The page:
Smithfield Bioscience and UVA School of Engineering and Applied Science partner to explore regenerative medicine.
SMITHFIELD, Va.- Smithfield Foods Inc. and the Univ. of Virginia (UVA) School of Engineering and Applied Science have partnered on a research project to explore and advance regenerative medicine technologies that leverage porcine bioproducts. The collaboration between UVA and the strategic business platform within Smithfield Foods, Smithfield Bioscience, will focus on a range of biotechnology solutions in the areas of human therapeutics, tissue fabrication and regenerative medicine.

"Nearly 1 million Americans suffer from injuries, disorders and diseases that result in a significant amount of skeletal muscle loss each year," said Courtney Stanton, vice president of Smithfield Bioscience and Renewable Bioproducts. "From our wounded veterans to babies born with a cleft lip to those who have suffered traumatic accidents, there is an overwhelming need for bioengineered skeletal muscle. This research and partnership with UVA is a promising step toward meeting this demand."

The collaborative research will work to develop and test a tissue-engineering process for skeletal muscle repair and regeneration using porcine-derived materials. The advantage of the porcine materials is they can be muscle-specific prior to implantation and more easily accepted by the human body. Researchers will also conduct proof-of-concept studies, which are a critical step in pursuing clinical trials.

"The research partnership between UVA and Smithfield Bioscience represents engineering at its best, as this partnership seeks to leverage the strengths of both organizations to ultimately use engineered cells and tissues as products that will benefit patients," said Frederick H. Epstein, professor and chair of UVA's Biomedical Engineering Dept. and professor of radiology and medical imaging.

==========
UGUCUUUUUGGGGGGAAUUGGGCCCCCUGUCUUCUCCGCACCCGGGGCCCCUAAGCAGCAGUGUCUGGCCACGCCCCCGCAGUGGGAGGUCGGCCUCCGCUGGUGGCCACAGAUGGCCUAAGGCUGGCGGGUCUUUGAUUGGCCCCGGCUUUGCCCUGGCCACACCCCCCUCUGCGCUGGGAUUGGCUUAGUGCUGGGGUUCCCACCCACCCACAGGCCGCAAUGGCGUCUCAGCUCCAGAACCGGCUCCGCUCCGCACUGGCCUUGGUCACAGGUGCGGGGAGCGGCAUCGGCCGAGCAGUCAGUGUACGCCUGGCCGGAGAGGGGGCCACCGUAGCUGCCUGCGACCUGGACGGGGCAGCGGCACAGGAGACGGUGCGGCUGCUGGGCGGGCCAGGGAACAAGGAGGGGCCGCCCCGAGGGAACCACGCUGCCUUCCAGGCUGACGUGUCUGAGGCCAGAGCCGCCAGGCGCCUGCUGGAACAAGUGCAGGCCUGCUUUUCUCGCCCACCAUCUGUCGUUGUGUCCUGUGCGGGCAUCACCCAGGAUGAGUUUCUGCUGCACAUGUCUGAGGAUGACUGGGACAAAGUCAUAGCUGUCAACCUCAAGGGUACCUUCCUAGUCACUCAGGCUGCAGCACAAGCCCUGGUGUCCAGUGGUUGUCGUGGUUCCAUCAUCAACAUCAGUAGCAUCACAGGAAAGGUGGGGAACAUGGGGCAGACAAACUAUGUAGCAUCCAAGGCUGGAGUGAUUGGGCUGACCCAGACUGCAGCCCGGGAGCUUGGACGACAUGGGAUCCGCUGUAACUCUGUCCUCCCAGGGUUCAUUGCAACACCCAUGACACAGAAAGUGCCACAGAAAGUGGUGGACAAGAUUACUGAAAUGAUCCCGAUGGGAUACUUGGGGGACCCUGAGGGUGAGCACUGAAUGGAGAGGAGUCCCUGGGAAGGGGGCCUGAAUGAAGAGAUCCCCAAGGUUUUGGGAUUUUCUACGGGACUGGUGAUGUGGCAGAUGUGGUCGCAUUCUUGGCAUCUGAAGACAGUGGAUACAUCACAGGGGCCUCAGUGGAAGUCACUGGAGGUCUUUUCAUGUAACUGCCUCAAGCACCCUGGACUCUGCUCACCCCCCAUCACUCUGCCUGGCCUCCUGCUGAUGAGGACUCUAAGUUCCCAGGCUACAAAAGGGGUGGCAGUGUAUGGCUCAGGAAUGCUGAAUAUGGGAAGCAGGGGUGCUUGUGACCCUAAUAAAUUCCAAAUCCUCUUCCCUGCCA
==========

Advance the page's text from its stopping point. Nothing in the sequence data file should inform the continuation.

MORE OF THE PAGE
The Smithfield and UVA partnership is part of a large consortium consisting of roughly 100 organizations including UVA and Smithfield. These organizations are coming together under the Advanced Regenerative Manufacturing Institute, which works to accelerate regenerative tissue research and create state-of-the-art manufacturing innovations in biomaterial and cell processing for critical Dept. of Defense and civilian needs.

George Christ, a UVA professor of biomedical engineering and orthopedic surgery, Mary Muilenburg Stamp professor of orthopedic research in the school of medicine, and co-director of UVA's new $3 million Center for Advanced Biomanufacturing, explained, "There's been a tremendous amount of money and time spent on research and development in tissue engineering and regenerative medicine, but the ability to manufacture the cells, tissues, and biomaterials needed on a scale large enough to truly transform patient care doesn't exist. By partnering with Smithfield Bioscience and leveraging porcine bioproducts, we are hoping to help change all of that."

"We are hopeful that this research collaboration will reveal new technologies for tissue engineering and regenerative medicine, which would revolutionize the treatments physicians provide to patients with injuries involving large-scale muscle loss associated with upper and lower extremity trauma," said Dr. A. Bobby Chhabra, Chair of Orthopedic Surgery for UVA Health System.